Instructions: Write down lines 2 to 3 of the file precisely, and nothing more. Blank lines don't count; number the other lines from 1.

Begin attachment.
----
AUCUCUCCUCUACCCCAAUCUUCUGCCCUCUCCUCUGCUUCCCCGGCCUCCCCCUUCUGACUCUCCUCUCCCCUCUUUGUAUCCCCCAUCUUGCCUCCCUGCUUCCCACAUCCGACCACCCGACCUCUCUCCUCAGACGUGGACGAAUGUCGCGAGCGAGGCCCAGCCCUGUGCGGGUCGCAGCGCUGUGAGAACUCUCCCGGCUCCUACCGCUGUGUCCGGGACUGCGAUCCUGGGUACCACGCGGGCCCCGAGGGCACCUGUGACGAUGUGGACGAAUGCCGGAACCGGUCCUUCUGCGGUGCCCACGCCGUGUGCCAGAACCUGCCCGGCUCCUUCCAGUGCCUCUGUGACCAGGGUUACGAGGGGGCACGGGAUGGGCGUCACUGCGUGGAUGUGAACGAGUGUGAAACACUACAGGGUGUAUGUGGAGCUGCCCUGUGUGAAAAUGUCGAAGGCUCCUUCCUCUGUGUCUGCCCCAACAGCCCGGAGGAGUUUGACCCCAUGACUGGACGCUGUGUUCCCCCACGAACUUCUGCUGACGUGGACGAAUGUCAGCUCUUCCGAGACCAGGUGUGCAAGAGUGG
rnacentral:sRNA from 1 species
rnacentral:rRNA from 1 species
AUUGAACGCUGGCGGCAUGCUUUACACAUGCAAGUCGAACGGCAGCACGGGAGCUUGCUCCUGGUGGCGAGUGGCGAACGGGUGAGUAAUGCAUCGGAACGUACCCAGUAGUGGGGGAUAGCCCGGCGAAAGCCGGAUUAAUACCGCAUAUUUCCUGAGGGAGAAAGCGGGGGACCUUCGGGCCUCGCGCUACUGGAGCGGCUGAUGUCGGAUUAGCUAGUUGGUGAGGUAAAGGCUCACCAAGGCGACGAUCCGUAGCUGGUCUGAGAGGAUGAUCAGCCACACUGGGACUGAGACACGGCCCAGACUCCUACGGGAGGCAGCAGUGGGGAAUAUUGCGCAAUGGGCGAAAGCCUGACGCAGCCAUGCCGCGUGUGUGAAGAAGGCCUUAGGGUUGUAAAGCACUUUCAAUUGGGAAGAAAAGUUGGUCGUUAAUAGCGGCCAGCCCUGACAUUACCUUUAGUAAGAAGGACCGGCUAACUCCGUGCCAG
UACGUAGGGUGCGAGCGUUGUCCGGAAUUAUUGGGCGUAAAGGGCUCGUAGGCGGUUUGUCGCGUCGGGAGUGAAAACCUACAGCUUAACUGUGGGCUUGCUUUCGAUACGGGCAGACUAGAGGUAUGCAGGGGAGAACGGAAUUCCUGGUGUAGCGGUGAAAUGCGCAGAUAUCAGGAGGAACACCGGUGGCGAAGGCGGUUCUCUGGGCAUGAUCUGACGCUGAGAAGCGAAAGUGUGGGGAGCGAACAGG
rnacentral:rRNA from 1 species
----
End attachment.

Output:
rnacentral:sRNA from 1 species
rnacentral:rRNA from 1 species